The long-form datasheet for the old AY- series sound generators (General Instruments/Microchip) from the 1980s (Atari and Apple sound cards), gives an excellent example of hitting all musical note frequencies with a relatively low frequency crystal - simply by picking the right starting crystal frequency.
Thread starter #135
gophert: Thanks for replying. :)

This project is only going to be generating MIDI events to feed to a synthesizer, which is a "walk in the park"
in comparison to actual waveform generation.

But I've always wanted to build a DIY synth. :)

Sad that those ICs are difficult to get these days.


Well-Known Member
Most Helpful Member
gophert: Thanks for replying. :)

This project is only going to be generating MIDI events to feed to a synthesizer, which is a "walk in the park"
in comparison to actual waveform generation.

But I've always wanted to build a DIY synth. :)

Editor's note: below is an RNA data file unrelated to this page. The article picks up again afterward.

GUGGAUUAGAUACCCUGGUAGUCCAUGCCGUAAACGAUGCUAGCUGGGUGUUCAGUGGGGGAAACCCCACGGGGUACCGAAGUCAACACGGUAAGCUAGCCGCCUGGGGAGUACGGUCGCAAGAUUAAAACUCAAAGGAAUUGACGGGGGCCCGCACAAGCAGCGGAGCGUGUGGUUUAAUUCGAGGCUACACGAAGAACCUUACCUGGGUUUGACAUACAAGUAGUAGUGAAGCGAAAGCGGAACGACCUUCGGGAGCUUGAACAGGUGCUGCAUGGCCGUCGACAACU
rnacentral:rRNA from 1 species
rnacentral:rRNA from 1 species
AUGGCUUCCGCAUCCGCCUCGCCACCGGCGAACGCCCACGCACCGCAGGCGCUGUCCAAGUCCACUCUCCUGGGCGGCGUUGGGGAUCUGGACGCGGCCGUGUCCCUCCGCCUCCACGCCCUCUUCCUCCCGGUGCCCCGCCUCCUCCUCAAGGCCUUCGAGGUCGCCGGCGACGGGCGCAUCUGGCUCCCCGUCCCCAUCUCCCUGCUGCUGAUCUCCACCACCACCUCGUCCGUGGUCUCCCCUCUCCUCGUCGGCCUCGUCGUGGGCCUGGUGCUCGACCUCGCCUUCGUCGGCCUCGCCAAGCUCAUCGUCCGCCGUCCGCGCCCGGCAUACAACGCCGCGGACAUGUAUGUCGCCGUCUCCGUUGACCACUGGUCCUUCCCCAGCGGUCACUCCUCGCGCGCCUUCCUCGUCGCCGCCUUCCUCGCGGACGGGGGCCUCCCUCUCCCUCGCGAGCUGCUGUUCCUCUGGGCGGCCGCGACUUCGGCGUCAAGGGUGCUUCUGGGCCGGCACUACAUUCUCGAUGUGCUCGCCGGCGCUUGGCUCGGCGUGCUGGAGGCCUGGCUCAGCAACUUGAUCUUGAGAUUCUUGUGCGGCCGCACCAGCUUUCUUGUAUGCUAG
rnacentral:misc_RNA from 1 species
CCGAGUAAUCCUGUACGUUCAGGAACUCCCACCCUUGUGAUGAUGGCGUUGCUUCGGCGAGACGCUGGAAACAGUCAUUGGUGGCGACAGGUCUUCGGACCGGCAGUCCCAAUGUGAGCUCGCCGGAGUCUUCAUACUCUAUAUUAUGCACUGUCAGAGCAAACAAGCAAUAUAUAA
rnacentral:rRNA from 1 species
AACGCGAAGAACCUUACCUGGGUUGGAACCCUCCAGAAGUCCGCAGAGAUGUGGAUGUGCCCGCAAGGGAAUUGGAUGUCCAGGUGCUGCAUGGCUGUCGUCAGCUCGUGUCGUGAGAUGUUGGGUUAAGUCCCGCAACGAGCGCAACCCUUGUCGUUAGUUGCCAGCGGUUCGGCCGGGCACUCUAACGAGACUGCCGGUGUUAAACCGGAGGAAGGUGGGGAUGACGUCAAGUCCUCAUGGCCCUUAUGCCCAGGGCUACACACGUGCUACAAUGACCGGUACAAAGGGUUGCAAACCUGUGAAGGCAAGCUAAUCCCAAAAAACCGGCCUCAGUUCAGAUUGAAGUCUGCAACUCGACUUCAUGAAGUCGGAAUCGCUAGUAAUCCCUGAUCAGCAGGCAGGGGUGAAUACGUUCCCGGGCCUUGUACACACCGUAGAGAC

Sad that those ICs are difficult to get these days.
Let me know if you want a few, I have a drawer full of them and I doubt I'll ever get a project started. AY-3-8913.

Each chip can play three tones at a time plus a noise channel. Weird but cool effects possible. Not a full-on synth but it would be great for playing an 8-bit audio concert.
Thread starter #138
gophert: Thank you for your kind offer. Perhaps we can collaborate on a project. :)

granddad: I'm still thinking that one out... :)

Please bear with me, as I'm a complete n00b with the PIC. The changeover of tools with Microchip has made it even more difficult.

Here's my data segment (so far)

Transpose:        .byte    0
Octave:            .byte    0